Between August 18 and 20, Liz Fordahl and Scott Skokos received two postcards in the mail from the Montana chapter of Americans for Prosperity. The first postcard bears photos of incumbent Governor Steve Bullock and a broken piggy bank and declares that Governor Bullock is “bankrupting Montana.” The card goes on to urge the recipient to call the Governor’s office. The second postcard bears the photo of state Senator Robyn Driscoll and states that the senator has a failing grade on her “Montana freedom scorecard” and encourages the postcard recipient to call the senator and tell her to stand up to big government. Mr. Skokos filed a complaint with the Montana Commissioner of Political Practices (COPP) claiming the postcards were a violation of state election law.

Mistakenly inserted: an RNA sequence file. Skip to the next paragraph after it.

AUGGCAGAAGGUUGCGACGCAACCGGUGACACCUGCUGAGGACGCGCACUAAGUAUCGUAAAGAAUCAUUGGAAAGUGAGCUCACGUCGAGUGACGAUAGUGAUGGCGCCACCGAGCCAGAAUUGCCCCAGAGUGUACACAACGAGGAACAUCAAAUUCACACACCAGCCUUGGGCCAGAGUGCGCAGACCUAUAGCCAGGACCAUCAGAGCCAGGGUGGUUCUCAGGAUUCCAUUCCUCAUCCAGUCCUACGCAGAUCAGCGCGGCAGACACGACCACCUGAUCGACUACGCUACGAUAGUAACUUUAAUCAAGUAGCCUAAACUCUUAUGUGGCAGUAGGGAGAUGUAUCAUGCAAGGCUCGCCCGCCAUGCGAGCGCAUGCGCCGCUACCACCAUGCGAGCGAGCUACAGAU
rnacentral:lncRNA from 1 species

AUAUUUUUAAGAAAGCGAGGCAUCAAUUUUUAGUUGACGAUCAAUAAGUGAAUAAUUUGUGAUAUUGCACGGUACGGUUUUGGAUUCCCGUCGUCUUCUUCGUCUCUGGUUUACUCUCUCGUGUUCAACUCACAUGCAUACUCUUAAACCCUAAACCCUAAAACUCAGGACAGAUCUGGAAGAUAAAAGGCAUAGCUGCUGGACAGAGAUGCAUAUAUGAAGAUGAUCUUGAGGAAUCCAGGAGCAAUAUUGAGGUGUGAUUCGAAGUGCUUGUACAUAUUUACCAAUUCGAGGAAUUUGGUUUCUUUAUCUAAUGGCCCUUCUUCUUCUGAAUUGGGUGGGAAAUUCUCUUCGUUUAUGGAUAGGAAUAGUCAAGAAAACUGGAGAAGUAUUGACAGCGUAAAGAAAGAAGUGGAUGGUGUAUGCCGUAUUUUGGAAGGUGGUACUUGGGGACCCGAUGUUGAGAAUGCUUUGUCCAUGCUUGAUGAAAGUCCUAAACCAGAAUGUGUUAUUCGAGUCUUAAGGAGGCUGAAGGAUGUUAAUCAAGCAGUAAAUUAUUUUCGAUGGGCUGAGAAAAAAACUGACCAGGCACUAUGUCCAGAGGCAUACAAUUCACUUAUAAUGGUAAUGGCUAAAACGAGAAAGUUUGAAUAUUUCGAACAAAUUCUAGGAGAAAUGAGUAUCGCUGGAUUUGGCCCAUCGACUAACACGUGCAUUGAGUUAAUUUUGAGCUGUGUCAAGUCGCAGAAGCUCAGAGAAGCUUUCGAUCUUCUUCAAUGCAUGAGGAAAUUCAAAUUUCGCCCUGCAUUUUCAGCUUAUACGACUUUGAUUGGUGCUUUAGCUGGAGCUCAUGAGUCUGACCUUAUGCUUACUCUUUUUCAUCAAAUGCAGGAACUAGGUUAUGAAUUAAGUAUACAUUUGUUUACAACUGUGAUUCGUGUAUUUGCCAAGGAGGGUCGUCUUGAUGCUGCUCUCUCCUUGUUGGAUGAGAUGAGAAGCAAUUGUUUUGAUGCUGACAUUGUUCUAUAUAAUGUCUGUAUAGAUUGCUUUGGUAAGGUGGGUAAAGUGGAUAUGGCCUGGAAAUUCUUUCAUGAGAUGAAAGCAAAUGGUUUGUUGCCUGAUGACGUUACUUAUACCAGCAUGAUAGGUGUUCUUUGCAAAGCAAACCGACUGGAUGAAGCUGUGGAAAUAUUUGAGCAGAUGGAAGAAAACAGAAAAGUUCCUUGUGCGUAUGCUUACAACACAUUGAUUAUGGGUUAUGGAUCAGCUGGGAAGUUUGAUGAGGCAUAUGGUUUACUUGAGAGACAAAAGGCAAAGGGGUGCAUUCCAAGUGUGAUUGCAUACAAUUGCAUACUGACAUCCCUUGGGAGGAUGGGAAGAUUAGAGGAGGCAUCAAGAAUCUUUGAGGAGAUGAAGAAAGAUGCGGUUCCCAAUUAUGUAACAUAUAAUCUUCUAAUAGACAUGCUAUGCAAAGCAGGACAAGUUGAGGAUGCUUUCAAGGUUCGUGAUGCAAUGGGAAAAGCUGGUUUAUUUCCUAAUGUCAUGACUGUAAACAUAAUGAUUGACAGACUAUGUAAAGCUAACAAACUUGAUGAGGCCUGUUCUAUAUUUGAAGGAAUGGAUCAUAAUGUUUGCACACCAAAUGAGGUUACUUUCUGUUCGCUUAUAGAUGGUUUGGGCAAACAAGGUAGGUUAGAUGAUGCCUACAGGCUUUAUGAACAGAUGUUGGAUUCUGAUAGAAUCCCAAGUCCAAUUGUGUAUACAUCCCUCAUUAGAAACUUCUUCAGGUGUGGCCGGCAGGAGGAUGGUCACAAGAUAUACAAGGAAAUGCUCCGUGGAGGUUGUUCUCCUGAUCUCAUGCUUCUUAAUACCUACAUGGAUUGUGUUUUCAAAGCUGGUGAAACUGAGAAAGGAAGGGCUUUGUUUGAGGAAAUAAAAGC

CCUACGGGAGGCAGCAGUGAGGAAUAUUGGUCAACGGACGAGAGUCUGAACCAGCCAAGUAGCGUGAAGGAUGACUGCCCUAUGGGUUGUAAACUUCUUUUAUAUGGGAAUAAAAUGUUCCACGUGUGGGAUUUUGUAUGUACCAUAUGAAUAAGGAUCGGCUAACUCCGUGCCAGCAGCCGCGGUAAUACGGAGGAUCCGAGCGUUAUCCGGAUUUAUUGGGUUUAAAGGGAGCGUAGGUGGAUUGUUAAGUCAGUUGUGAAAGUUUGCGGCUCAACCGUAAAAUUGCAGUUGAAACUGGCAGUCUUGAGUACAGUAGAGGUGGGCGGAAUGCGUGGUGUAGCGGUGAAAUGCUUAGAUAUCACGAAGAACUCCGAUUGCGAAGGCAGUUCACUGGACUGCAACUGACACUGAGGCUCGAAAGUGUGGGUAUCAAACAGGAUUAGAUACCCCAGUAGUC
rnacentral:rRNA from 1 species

Is 90 days enough time to comply with proof-of-citizenship voter registration requirements? In Kansas, at least 31,000 presumably qualified electors who have attempted to complete applications to register to vote will see their applications deleted under new administrative regulations in the state. Most of these applicants failed to submit proof of their U.S. citizenship, to a county election official satisfactory which is required by the 2011 Kansas Safe and Fair Elections Act (“S.A.F.E. Act”). Such suspended voters are generally unable to cast ballots in local, state, or federal elections; however, following the U.S. Supreme Court’s decision in Arizona v. Inter-Tribal Council of Arizona, Inc., under the National Voter Registration Act (“NVRA”), any Kansan who applies to register to vote using the federal voter registration form is allowed to vote in federal elections, even if he or she does not include proof-of-citizenship. In order to be removed from the list of suspended voters and be added to the state’s voter rolls, applicants must provide proof-of-citizenship to their local county election official. Under the previous system, county election officials worked feverishly to contact all applicants on the suspended list repeatedly in order to help them complete the proof-of-citizenship requirement. Some argue these unending attempts to encourage applicants to comply with registration requirements were too onerous.